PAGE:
A Sermon on Transfiguration Sunday

Francesco Zuccarelli [Public domain], via Wikimedia Commons

 A sermon given on February 11, 2018 by Charles Tyrone…

The season of Epiphany is the time set aside to marvel at the incarnation, to witness the manifestation of Jesus as Messiah — the Christ, the Anointed One — and to see the revelation of Jesus as the Son of God. As we have traveled the journey of Epiphany, we’ve seen those who seek Jesus, and those who meet Jesus, try to name him and thus, in the naming, try to understand him, contain him, and fit him to a human scale. The Three Kings ask Herod, “where is he, this King of the Jews?” Nathaniel tells Jesus, “Rabbi, you are the Son of God! You are the King of Israel.” In the prelude to today’s Gospel lesson, Mark shows Jesus aware of the confusion and stir he causes. In Mark 8, Jesus asks, “Who do people say that I am?” The disciples tell him, “John the Baptist, and others Elijah, and still others, one of the prophets.” Jesus presses them to decide for themselves, “But, who do you say that I am?” Peter, the key figure in Mark’s Gospel, other than Jesus says, “You are the Messiah.” Jesus orders their silence and then adds to their confusion with yet another name, telling them of the suffering and death that the Son of Man, the Son of Adam, must endure. Peter rebukes Jesus for saying these things and earns Jesus’s rebuke, “Get behind me Satan!”

Today is Transfiguration Sunday. Mark’s Gospel lesson bursts at the seams with the miraculous and fills Jesus’s closest Apostles with astonishment, fear, and confusion. Peter, James, and John, already bewildered by Jesus, are taken alone to the mountaintop, see a miraculous transformation, and hear the very voice of God, naming and proclaiming Jesus as the beloved Son of God.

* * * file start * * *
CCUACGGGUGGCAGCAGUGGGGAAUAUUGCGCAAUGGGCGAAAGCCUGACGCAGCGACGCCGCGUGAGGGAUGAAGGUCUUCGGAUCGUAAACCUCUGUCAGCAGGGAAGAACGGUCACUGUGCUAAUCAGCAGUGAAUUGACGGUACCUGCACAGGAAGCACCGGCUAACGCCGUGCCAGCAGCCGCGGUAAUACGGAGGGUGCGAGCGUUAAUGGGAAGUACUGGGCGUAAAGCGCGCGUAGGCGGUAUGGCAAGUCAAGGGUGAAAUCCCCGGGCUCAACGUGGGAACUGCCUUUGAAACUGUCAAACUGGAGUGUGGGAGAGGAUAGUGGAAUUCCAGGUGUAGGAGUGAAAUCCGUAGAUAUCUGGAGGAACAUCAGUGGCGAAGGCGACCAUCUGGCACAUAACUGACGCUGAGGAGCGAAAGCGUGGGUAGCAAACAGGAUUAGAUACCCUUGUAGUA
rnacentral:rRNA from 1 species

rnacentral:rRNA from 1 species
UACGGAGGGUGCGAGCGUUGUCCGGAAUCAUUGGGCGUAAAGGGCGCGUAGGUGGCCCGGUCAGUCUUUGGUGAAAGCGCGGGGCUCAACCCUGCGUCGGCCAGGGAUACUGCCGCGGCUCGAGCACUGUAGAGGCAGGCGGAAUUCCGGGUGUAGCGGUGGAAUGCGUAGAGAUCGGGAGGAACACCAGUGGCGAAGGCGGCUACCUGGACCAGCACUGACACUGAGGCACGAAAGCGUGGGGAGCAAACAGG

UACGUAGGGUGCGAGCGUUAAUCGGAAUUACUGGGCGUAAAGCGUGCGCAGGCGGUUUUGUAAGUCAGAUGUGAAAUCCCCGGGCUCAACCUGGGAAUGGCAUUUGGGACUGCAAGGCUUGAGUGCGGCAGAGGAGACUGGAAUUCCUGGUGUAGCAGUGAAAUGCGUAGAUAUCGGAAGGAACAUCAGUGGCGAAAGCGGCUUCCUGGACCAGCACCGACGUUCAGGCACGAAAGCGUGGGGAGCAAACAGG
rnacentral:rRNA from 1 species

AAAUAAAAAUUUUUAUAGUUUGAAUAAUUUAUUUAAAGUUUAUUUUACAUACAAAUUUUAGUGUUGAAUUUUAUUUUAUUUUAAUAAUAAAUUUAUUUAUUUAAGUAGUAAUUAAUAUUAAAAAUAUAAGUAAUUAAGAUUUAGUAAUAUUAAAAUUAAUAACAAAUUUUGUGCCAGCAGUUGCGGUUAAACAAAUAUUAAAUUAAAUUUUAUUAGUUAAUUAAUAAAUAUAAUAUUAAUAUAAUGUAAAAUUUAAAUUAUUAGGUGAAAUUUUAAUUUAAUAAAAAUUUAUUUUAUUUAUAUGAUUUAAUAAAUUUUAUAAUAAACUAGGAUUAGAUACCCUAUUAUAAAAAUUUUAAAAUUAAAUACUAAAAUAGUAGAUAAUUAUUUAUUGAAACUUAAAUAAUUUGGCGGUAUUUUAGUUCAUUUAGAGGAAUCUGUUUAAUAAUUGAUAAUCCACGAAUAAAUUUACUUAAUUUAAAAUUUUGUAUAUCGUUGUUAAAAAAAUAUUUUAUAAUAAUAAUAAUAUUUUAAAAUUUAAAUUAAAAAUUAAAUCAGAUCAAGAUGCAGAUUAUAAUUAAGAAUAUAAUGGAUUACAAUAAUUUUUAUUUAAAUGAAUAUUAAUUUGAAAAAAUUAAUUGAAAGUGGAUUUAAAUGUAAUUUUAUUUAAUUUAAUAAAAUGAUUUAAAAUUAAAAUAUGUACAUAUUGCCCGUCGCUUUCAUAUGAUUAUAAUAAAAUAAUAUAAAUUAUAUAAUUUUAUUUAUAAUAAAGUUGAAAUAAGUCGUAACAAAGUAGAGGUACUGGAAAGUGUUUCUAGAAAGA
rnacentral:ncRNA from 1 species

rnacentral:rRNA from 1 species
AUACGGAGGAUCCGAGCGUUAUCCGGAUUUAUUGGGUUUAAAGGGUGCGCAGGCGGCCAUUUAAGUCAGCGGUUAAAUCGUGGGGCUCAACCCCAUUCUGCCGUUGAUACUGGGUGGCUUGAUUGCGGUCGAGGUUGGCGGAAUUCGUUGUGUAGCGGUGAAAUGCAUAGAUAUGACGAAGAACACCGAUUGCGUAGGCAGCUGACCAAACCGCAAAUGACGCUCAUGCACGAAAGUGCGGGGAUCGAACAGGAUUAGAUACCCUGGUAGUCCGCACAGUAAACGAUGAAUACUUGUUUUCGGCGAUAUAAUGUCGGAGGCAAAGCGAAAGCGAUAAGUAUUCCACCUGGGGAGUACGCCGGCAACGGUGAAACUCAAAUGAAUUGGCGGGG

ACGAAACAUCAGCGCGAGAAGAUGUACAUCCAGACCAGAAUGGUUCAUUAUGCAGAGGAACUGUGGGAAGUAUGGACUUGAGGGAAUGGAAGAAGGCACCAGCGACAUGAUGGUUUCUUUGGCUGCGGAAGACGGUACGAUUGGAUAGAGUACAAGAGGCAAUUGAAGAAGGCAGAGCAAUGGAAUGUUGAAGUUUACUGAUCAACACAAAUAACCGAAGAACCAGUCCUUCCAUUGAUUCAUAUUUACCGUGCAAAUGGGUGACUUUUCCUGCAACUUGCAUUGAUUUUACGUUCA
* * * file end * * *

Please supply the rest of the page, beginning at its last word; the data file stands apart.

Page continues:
Today’s lesson is John Mark’s account of the transfiguration story. The transfiguration, along with the incarnation, baptism, crucifixion, resurrection, and ascension are the early church’s proclamations of Jesus as Divine. Mark’s Gospel is very early, written in Rome in the late 60’s or early 70’s CE. It stands alongside Q, written in the 50’s CE, which are sayings of Jesus. Matthew and Luke use Mark and Q, but mostly draw from Mark in their Gospels. Scholars once thought of Mark as a collection of Peter’s sermons. Mark was with Peter in Rome and was his scribe. When you read Mark, there is this sense that you are reading a firsthand account of Jesus’s travels, miracles, and teachings. In the very first line, Mark states his Gospel’s project is to proclaim, “The beginning of the good news of Jesus, the Son of God.”

In Mark’s Transfiguration story, there is a theophany, and this is the second theophany in Mark. The first is in his baptism account as Jesus rises from the Jordan and the Spirit descends like a dove. In this Trinitarian moment, God, proclaims for Jesus alone to hear, “You are my Son, the Beloved, with you I am well pleased.” This proclaiming and naming of Jesus, Son of God, is repeated in the second theophany of the Mount of Transfiguration.